Election and the Markets
I appreciate the very “strong” feelings people have for the candidates and I am going to attempt to be as objective as I can when reviewing the candidates and how it may impact the economy and markets from my very humble opinion. There are certainly many other issues, all very important, but I thought I would just focus on the markets, economics, and finance.
Before I delve into the market preview and the impact of the election on the markets, I think it is important that I preface my position. I have tried to write the market preview as objectively as I can, without any political ideology. It is true that I have voted both Democrat and Republican in the past, but I am not a member of either party. One could say I have been disenfranchised by both parties and have been independent for the last decade.
The election brings forth many uncertainties when it comes to the economy and the financial markets. While it seems that Clinton is far ahead, if one reads ONLY the main stream media polling data – I believe there is a real possibility that Trump could win. Remember, it may be improbable, but not impossible.
This is only my objective opinion. It seems that both parties have a rather large contingent of “hate votes”. Meaning, if I don’t like Trump, but I am voting for him because I hate Clinton OR if I don’t like Clinton, but I am voting for her because I hate Trump. Certainly, that is rather sad situation for our nation to be in. Additionally, we may see this also impact voter turnout, not based on how much one supports one candidate, but rather how much they don’t support their candidate and their dislike for the either (why bother attitude). Both candidates are unpopular and we are seeing more of an anti-vote or protest vote than perhaps ever before.
Regardless of who wins, the world and the U.S. will not collapse – regardless of what the chicken-little media would want us to believe. I have not read much on a break-down of each candidate on how it may/may not impact the economy, beyond some bias rhetoric.
Presidents have little power over monetary policies, regardless of the rhetoric they spew, as that squarely rests on the shoulders of the Federal Reserve. However, they will attempt to drive board base fiscal policies, both domestic and trade. And if they are able to appoint Fed governors, that can change the economic conditions significantly.
I will not get into social issues and immigration, since I am attempting to focus myopically on economic, market, trade, and finance. Those are very important issues as well and you should certainly consider everything when casting your vote. My attempt is ONLY to segregate out a segment and also offer a view on how the market MAY react.
Trade: Status Quo
Clinton is a mainstream politician and certainly not a left-leaning progressive like Sanders or Warren. She has and will continue to support typical centralist type trade deals like NAFTA and CAFTA, she will support the TPP. She will, like all established centralist politicians of both parties, support the multinational businesses, Wall-Street, and corporate-welfare.
Fed: Dovish Keynesian
The Fed Chair, Vice Chair, and governors are all appointed by the President of the United States. President Obama has been the first President since the inception of the Federal Reserve that has appointed ALL current Fed governors. Note: Governors serve 14 year terms, in an effort that no single sitting president can “Stack the deck” with a single ideology. President Obama, due to timing circumstances has had the opportunity to do so.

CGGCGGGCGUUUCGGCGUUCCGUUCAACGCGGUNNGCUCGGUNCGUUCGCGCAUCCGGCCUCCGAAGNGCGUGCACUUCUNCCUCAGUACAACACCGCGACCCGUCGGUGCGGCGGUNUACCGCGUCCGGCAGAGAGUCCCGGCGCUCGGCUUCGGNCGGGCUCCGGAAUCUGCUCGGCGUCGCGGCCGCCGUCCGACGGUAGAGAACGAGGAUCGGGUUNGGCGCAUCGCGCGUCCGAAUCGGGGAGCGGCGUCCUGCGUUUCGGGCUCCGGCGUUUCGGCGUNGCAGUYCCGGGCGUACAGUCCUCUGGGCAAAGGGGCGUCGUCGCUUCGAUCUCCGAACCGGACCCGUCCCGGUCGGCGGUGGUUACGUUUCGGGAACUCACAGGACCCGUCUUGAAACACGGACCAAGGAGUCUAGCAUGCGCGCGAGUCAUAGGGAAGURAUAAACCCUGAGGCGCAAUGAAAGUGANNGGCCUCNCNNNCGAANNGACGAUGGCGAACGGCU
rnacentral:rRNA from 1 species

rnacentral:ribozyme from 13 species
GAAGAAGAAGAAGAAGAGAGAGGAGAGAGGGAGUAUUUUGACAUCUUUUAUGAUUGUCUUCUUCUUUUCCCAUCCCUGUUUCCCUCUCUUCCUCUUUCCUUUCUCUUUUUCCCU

Under Clinton we will continue to see Keynesian economic monetary policy, any new appointed Fed governors will remain Dovish and Keynesian. We will continue to see easy monetary policy that supports more stimulus fiscal policies, while deficit funding entitlement programs.
This means we should expect to see very low rates for the long term, increase money supply, and continuing Fed policies that monetize government deficit spending and debt financing (aka buying bonds and keeping yields low).
An extreme and less likely view is we could see more fiscal powers handed over to the Fed under a Clinton administration. Something that the Fed and some Keynesian legislators have pushed for. This is more of a progressive agenda, and Clinton has not made clear her views on this.
Taxes: Same to Higher
In the financial markets, regardless of her rhetoric, we should not expect to see any transaction taxes or changes to “carry interest”. Her ties to Wall-Street and their contributions are well established and she does NOT have a history of championing any taxing of the financial markets. She is certainly not supporting a Sanders or Warren platform.
Progressive taxing on income however, could very well see a steepening at the higher income earners. It is important to remember that capital gains, dividends, and interest income would NOT be affected by such policies and the 1% will not be impacted since most their wealth is NOT generated by INCOME.
The “Buffett Rule” taxes income, not wealth, not capital gains, not interest, not dividends. It will hit the high-middle class income earners in the $100k – $500k bracket the most. However, these people are not major campaign donors, they are not major industry leaders, and effectively have little (if any) voice (aka lobbying) in the Belt-Way. We may also see larger tax credits and lower taxes on the middle to lower income bracket.
Treasuries: Low Yield / High Prices
The West will continue to see flat to negative short-term interest rates. We could very well see similar policies to “Operation Twist”, where central banks participate in bond purchasing at the long-end of the curve to keep the yield curve flat.
This will continue to fuel speculative borrowing in the private/public sector investments. I suspect to see the NYSE Margin Index remain in the +$400 billion-dollar range and I would think after Clinton wins we could see margin increase to +$600 or even $700 billion range – if we have an elevated market.
Treasuries will be hard press to decline, with the central bank continuing to buy treasuries. I suspect we could not only see yields fall further, but also see the Fed’s treasury holdings increase.
Interest Rates: Unchanged to Negative Out Look
As mentioned above, under such fiscal policies, the Keynesian monetary policies will follow suite to finance the fiscal expansions. The likelihood of a rate hike will diminish and the probability will increase that a rate cut and possible negative interest rates could come as soon as mid-to-late 2017.